Bitcoin price resilience finally crumbled this week after two weeks of strength following the so-called ‘BearWhale’ slaying.
The price opened the week at $386, holding steady until mid-week, when it began a steep decline. It closed at $346, shedding $40 over the last seven days.
The bitcoin price deterioration follows a strong rally from $295 on 6th October to a high of $405 about a week later. Trading held steady until this week’s drop, even as the wider financial markets tumbled in mid-October.
Swaps activity spikes
A look at the swaps activity on Bitfinex reveals more bearish indicators. The sum of active BTC swaps began to rise sharply on 25th October suggesting that traders are betting that the bitcoin price will fall further.
A BTC swap takes place when traders borrow bitcoin at one price to trade it for US dollars, hoping the price will fall by the time they purchase bitcoin again to return it to the lender. Total BTC swaps on Bitfinex nearly doubled from 8,799 BTC on 25th October to 16,281 BTC the next day.
Examining the swap data in greater detail also suggests that shorts profited from the mid-week price drop. Bitcoin swaps spiked as the price tumbled on the morning of 23rd October, potentially driving the price down.
As the week ended, total active swaps stood at over 18,000 BTC, the highest level since April 2013, according to Bitfinex data. Swap volume also depends on the amount of customers using a particular exchange, of course, and Bitfinex’s trading volume and user base has only become significant since last October, according to Bitcoinity volume data.
Trading volumes shrink
Overall trading volumes on the major exchanges have plummeted this week. About 1.9m coins changed hands on the exchanges this week, compared to 2.5m last week. That’s a drop of more than 26% over seven days.
All the big exchanges showed big double-digit drops in trading volume, with ANXBTC leading the way with a 40% decline in traded volume over the week.
News and fundamentals
New York State’s ‘BitLicense’ closed to comments early in the week, with bitcoin economy heavyweights Circle and BitPay submitting their responses to the proposed regulations. Circle took a hardline on the regulations, saying that it would have no choice but to leave New York if the regulations took effect in their current form.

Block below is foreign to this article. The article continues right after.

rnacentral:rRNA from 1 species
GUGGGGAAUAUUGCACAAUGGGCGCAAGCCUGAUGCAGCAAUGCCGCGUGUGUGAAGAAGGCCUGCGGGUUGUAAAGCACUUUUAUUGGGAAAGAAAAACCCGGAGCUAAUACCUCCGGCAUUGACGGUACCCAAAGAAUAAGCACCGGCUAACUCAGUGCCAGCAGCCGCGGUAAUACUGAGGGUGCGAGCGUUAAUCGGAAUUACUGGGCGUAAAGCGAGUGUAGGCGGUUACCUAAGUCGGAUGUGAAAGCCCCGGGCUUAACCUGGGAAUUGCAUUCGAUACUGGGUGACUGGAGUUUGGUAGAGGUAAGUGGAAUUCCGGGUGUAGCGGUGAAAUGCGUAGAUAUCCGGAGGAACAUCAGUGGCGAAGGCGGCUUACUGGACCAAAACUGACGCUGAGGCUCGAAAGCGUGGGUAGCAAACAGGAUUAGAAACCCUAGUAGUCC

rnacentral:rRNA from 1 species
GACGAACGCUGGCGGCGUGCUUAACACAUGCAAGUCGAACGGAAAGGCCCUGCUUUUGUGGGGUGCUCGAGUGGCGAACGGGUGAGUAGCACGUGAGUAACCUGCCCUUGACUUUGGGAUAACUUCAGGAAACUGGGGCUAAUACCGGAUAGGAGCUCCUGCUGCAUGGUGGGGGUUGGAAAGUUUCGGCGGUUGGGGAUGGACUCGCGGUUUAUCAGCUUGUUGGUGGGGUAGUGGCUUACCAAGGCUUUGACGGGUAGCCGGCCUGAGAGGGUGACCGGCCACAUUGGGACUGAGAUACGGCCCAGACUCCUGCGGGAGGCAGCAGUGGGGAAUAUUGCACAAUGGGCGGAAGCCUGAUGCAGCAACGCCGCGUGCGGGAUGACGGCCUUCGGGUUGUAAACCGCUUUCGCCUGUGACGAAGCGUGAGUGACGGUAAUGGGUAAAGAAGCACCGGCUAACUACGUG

This follows New York financial regulator chief Ben Lawsky‘s comments two weeks ago that the BitLicense would not apply to software developers and those “innovating and developing” the latest platforms for digital currencies.
In the United Kingdom, a major high-street retailer announced that it would adopt bitcoin in a big way. CeX, which sells technology products, said it would initially accept bitcoin payments in 30 of its 266 UK stores on 22nd October.
The UK-based company also said it would introduce Lamassu ATMs in its stores that would allow customers to buy bitcoin without being charged a fee. CeX already takes bitcoin for sales made through its website. The retailer further said it could introduce bitcoin payments at its international stores across Europe, Australia and in India.
The macro picture has largely kept digital currencies out of the frame this week. European banks have been subjected to “stress tests” to prove their financial health, although Bloomberg View said they are not enough to “dispel the fear” over the region’s banking system and wider economy.
Brazil, meanwhile, has re-elected Dilma Rousseff on a platform of reform and rooting out corruption, after a tightly contested election. Bitcoin adoption has huge potential in Brazil, as it does in Latin America in general, although digital currency adoption remains nascent there.
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